This is the story of Andy and Heidi Brun—less about Andy's well-regarded gear company (Exped) and more about 2 people who were drawn to the outdoors, drawn to each other and strongly attracted to the idea of experiencing wilderness on its own terms, however unforgiving those terms might be.
Consider the unconventional path to romantic bliss traveled by 2 lovebirds from Switzerland shortly after their 1980 wedding while both were still in their wide-eyed 20s:
• Step 1: Agree to abandon civilization—so long to electricity, indoor plumbing and urban conveniences.
Newlyweds Andy and Heidi Brun and their hand-built wilderness Shangri-La.
Imagine, 2 people living in their own off-the-grid Eden on the edge of the Canadian Arctic. Picture the cozy intimacy that the 2 of them shared inside their handcrafted master suite. "Well, it was not such a nice cabin," Heidi concedes. "It was more like a shed." Andy: "You would call it a shack nowadays."
But the meals, enjoyed in a vast, wild setting, must have been glorious.
A 9-month wilderness adventure begins: Heidi, her gear and a departing bush plane.
The couple ran out of food in 5 days. Two days before that, a leg infection badly hobbled Andy. "So I tied some cords around my knees to pull up my legs to walk, but even that didn't help much," he says. "So we just stayed put for 2 or 3 days, when it was minus-40 degrees. That really gets you thinking."
They kept 3 to 4 fires burning around them in camp at all hours. "We took turns sleeping," Andy says. "She was down, I was up. When I was down, she was up. It was really on the (survival) borderline."
Eventually the couple mustered the strength to complete the trip. Once in Yellowknife, did they jump joyfully back into the arms of civilization?
"Though basically it's a village, we felt like, 'Oh my, everything is rushing. It's stressful here,' " Andy says. "I wanted to get out. We really felt at home in the wilderness."
Andy and Heidi s home sweet wilderness home. Below, Andy admonishes a visitor.
The son of a Swiss electrical engineer, Andy Brun (pronounced Broon) lived in Pakistan, Germany and Canada before settling in Zurich. He graduated from the University of Zurich with the European equivalent of an MBA degree ("I learned something about bookkeeping," he jokes), but more influential on his future was a wilderness survival course he took in Sweden in 1976.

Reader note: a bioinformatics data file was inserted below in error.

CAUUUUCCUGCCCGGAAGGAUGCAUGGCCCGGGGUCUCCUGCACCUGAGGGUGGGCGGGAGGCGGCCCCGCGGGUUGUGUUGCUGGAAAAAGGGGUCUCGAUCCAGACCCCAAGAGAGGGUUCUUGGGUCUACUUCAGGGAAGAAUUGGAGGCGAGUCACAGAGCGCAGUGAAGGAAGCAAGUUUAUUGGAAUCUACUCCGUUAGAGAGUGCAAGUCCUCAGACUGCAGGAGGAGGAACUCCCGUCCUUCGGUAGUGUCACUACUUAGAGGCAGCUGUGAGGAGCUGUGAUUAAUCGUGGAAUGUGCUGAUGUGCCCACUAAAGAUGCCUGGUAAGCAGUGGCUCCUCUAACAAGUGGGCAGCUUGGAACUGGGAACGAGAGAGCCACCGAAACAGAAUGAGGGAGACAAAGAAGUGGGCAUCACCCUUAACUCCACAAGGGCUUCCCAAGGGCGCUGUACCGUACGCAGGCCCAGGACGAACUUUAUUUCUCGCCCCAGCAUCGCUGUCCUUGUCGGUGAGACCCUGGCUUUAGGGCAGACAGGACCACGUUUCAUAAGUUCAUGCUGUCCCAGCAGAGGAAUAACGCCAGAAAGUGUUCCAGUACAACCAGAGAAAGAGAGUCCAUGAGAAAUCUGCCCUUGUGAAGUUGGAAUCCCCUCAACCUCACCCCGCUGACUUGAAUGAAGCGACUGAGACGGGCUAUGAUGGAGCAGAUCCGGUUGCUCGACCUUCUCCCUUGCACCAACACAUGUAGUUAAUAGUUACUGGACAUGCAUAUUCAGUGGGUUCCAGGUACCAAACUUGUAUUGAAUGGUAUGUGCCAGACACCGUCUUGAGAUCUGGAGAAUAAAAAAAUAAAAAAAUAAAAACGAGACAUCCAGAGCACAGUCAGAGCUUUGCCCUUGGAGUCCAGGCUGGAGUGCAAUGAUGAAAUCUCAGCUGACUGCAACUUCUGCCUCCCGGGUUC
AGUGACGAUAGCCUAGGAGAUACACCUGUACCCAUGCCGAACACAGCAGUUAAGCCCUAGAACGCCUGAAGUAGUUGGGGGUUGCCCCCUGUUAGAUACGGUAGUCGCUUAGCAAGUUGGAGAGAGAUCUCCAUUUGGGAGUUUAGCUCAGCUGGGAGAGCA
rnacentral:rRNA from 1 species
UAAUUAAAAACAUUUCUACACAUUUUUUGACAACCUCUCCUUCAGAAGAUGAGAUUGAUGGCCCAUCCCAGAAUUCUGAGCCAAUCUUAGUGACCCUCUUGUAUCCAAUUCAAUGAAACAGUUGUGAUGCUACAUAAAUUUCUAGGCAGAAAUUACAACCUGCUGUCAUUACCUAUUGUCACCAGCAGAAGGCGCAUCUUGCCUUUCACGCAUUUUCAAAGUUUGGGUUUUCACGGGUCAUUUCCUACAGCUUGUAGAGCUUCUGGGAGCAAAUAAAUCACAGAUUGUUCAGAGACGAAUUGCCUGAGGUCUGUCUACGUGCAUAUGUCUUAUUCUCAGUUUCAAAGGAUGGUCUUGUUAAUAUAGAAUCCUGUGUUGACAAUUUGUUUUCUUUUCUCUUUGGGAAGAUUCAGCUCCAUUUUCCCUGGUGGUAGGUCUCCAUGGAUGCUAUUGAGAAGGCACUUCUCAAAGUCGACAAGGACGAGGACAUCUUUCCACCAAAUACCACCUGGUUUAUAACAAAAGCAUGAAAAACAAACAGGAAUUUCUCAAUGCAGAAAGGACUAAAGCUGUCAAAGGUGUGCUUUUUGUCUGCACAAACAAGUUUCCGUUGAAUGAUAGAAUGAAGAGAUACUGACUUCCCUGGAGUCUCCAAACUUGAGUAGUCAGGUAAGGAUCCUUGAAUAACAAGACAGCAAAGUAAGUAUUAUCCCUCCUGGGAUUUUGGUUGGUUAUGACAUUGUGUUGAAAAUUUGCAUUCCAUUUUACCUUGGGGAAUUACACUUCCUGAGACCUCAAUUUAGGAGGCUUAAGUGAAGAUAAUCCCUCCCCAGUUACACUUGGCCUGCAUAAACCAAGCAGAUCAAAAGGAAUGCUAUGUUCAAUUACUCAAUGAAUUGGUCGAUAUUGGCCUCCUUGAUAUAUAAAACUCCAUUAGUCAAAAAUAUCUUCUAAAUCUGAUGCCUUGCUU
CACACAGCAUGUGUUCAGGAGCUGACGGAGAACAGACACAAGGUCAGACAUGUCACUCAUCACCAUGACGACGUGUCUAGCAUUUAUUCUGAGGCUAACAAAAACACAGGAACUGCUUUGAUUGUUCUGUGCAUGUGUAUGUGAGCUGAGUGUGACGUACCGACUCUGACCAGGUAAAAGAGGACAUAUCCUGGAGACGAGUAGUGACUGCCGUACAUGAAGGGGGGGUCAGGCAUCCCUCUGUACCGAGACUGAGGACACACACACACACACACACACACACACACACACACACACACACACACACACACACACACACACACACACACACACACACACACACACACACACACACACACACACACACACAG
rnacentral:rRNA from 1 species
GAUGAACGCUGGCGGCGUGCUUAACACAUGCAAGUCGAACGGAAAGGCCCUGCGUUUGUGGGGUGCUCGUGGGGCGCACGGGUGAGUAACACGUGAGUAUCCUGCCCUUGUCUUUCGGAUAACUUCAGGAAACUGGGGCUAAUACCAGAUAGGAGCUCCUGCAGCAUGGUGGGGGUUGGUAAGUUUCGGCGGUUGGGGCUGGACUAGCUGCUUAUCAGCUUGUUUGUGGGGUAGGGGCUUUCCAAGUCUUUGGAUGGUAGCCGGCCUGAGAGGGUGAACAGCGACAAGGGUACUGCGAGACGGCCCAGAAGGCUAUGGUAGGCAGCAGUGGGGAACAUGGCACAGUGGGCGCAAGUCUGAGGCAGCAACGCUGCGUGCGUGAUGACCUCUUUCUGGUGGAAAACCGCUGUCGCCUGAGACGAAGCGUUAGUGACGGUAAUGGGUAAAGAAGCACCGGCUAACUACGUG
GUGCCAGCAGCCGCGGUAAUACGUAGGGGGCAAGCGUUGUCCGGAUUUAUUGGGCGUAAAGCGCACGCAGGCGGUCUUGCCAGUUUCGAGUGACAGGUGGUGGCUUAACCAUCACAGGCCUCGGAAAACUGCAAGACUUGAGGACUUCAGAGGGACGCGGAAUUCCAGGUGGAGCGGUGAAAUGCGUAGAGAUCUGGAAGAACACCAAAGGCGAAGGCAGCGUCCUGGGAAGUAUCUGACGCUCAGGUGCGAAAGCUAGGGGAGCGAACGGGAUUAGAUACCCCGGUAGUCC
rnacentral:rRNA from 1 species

"It got me to thinking, 'I don't want to be an economist,' which I am professionally," Andy says. "I should be in a Swiss bank, counting dirty money or whatever. But finally I really followed my heart."
Andy Brun shows off a canoe he equipped with a self-built mast and sail.
Did their resolve to remain in the wilderness waver? Not really, Andy says.
"We learned we are a good team, I think, or at least you really learn about each other," he says. "On the walk to Yellowknife, I learned to be, like, 'Oh, I'm happy,' even if I'm not, just to keep up the morale. It's a play (an act) that you learn when you're really on the borderline (of survival)."
After 9 months, the couple's odyssey reached its conclusion. Before flying out, they disassembled their cabin in Leave No Trace fashion.
"We made a point to totally give it back to nature," Andy says. "You won't see any of it any more. It's all gone."
By 1983, Andy (shown in a 2011 photo below) created a European distributorship for outdoor brands such as Lowe Alpine, Moss tents, MSR and others. In 1997, encouraged by outdoor colleagues, he began creating products of his own making and acquired a following among outdoor types throughout the globe.